CONTENTS
HOME
OUR WORK - Managing Risks, Sustaining Growth
A MORE CHALLENGING POLICY ENVIRONMENT
MONETARY POLICY - PROVIDING AN ANCHOR FOR PRICE STABILITY OVER THE MEDIUM-TERM
MANAGING THE CHALLENGES OF INCREASED GLOBAL FINANCIAL UNCERTAINTY
A SOUND AND PROGRESSIVE FINANCIAL CENTRE
CURRENCY
 
MONETARY POLICY
- PROVIDING AN ANCHOR FOR PRICE STABILITY OVER THE MEDIUM-TERM
15
 
Enhancing Monetary Policy Research 16
 
Box Story 1 - Asia Decoupling? 18
 

Enhancing Monetary Policy Research

To support the formulation and implementation of monetary policy at MAS and to deepen our understanding of the growth and inflation dynamics in Singapore, we have undertaken a number of research projects in collaboration with academics. Here we highlight two recently completed studies.

The October 2007 Macroeconomic Review featured a comparison of two differently constructed macroeconometric models of the Singapore economy, namely the MAS' own Monetary Model of Singapore (MMS) and the National University of Singapore's Econometric Studies Unit Model (ESU01). This was the outcome of collaboration with Tilak Abeysinghe from the Department of Economics, National University of Singapore, and Choy Keen Meng from the Division of Economics, Nanyang Technological University, which allowed MAS economists to gain a deeper understanding of the characteristics of each model. It showed, in particular, that MMS places a greater emphasis on the production side of the economy whereas ESU01 stresses the trade linkages through which an external shock impacts the rest of the economy. Both models, however, provide complementary perspectives on the behaviour of the Singapore economy and offer a similar range of plausible multiplier estimates that are useful for forecasting and policymaking purposes.

MAS has also developed a quarterly structural vector autoregressive (SVAR) model for the Singapore economy in collaboration with Anthony Tay of Singapore Management University, which was featured in the April 2008 Macroeconomic Review. This model captures the principal interactions within the economy as well as the transmission mechanism of monetary policy in Singapore. The model has helped MAS economists to assess the impact on asset prices in Singapore arising from a shock to the foreign interest rate and foreign demand. The results show that, on average, the effect on asset prices arising from a 1 percentage point cut in the foreign interest rate is less than half of the income effect from a positive 1% foreign demand shock. These findings lend support to the view that asset prices in Singapore are largely driven by income effects rather than price (or cost of funds) effects.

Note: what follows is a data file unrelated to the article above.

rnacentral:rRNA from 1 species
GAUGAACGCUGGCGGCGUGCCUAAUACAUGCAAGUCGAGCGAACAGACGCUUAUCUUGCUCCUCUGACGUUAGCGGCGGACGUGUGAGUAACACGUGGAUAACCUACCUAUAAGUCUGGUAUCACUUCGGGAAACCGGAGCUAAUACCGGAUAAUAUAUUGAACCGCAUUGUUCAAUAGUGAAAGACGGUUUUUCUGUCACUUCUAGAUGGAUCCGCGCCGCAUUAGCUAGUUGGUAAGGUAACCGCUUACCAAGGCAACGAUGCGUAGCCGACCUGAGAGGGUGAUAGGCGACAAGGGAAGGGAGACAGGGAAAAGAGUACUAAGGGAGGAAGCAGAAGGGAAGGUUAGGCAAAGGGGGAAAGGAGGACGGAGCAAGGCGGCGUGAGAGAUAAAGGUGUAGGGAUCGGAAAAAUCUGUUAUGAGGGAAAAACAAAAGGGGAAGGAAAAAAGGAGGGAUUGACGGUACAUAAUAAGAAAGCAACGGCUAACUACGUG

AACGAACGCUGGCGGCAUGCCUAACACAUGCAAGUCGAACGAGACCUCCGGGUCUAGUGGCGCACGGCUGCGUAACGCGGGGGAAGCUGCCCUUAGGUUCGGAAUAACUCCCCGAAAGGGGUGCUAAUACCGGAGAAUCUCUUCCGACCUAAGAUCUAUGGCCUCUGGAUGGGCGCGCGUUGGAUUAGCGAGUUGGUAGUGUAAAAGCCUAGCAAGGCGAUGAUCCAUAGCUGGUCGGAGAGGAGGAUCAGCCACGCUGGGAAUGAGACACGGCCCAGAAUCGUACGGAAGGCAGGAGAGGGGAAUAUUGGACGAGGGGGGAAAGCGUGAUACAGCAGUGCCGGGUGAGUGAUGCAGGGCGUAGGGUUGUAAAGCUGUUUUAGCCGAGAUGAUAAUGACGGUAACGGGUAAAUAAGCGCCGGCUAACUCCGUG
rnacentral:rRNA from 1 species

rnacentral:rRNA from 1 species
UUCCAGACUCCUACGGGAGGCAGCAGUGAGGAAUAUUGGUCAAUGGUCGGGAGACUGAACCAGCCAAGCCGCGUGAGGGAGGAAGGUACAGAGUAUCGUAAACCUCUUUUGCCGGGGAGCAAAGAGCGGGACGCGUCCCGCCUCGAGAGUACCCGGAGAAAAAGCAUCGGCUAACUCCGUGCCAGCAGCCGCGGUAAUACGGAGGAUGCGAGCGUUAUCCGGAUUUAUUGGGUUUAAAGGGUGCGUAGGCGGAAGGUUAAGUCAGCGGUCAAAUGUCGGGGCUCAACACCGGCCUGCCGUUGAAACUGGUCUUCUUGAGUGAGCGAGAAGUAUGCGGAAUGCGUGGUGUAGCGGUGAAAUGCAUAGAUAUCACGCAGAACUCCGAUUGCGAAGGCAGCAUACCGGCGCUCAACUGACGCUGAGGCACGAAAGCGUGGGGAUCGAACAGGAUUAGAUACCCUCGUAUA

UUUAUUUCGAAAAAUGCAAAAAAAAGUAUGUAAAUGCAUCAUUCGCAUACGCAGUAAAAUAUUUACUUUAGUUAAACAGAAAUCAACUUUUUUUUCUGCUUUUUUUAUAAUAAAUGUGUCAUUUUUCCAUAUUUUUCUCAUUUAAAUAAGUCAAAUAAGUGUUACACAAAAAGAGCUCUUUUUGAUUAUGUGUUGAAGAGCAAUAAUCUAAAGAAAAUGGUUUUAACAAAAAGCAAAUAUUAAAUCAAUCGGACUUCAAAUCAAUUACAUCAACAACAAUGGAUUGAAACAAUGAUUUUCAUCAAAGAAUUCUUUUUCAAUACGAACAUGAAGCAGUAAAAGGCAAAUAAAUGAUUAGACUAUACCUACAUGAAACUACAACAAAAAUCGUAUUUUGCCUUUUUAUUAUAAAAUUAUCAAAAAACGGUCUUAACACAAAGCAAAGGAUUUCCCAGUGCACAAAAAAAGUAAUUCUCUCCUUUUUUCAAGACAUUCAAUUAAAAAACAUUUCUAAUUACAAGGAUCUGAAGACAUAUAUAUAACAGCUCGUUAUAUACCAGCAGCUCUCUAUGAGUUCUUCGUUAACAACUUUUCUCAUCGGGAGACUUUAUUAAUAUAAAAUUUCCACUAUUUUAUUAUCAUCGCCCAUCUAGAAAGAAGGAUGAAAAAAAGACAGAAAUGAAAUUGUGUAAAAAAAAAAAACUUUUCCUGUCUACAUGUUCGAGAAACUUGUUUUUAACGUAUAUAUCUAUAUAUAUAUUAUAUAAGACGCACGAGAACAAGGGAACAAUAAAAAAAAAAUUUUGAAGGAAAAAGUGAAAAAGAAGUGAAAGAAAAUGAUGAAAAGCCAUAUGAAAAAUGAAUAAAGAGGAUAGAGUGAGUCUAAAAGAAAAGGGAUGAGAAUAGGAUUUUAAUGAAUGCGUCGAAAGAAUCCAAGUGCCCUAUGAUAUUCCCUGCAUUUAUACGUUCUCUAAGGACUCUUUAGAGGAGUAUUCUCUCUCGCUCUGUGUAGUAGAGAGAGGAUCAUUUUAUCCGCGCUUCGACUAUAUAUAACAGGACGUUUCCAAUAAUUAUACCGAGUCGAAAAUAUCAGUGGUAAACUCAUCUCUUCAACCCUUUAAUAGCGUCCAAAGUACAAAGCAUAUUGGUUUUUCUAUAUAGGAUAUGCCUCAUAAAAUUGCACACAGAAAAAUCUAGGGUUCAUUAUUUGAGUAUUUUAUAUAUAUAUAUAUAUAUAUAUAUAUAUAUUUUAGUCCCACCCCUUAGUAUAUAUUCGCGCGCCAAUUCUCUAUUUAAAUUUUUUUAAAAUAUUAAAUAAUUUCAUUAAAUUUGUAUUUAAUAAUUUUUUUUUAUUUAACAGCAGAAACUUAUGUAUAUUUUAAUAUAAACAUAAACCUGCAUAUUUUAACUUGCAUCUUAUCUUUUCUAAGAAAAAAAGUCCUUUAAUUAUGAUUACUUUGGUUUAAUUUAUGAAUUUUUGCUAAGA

In addition, under MAS' Eminent Visitor Programme, Paul Romer (Hoover Institution) visited Singapore in January 2008. Romer shared with MAS officers his ideas and expertise in development economics - New Growth Theory in particular - as well as his work with the Growth Commission. While in Singapore, Romer also gave a public lecture on the theories of economic development, and wrote a Special Feature for the April 2008 issue of the Macroeconomic Review on rival versus non-rival goods and their impact on economic growth and development.

In the second half of this year, Barry Eichengreen and Andrew Rose (both from the University of California, Berkeley) will be visiting MAS. Eichengreen is a well-known economist who is highly influential both in academia and in policy circles. He has published widely on the history and operation of the international monetary and financial system. Rose's areas of expertise are in international trade, finance and macroeconomics, and he has written extensively on topics such as monetary unions, currency crises, exchange rate regimes, and more recently, on issues connected with financial markets.

From 25 to 27 June 2008, MAS and the Centre for Central Banking Studies (CCBS) at the Bank of England jointly conducted a course on "Exchange Rates & Capital Flows: Issues and Challenges for Asia". This course was attended by central bank officials from over 10 countries in the Asia Pacific region. It provided participants with greater insight into exchange rate economics as well as specific issues relating to capital flows from an Asian perspective. This is the third time since 2004 that MAS has collaborated with the CCBS to jointly conduct courses in economics and finance for central bankers from the Asia Pacific region. The instructors from the CCBS, Ibrahim Stevens and Ole Rummel, were also able to spend some time with MAS economists to exchange views and share their expertise on the latest econometric approaches in modeling the monetary policy transmission mechanism.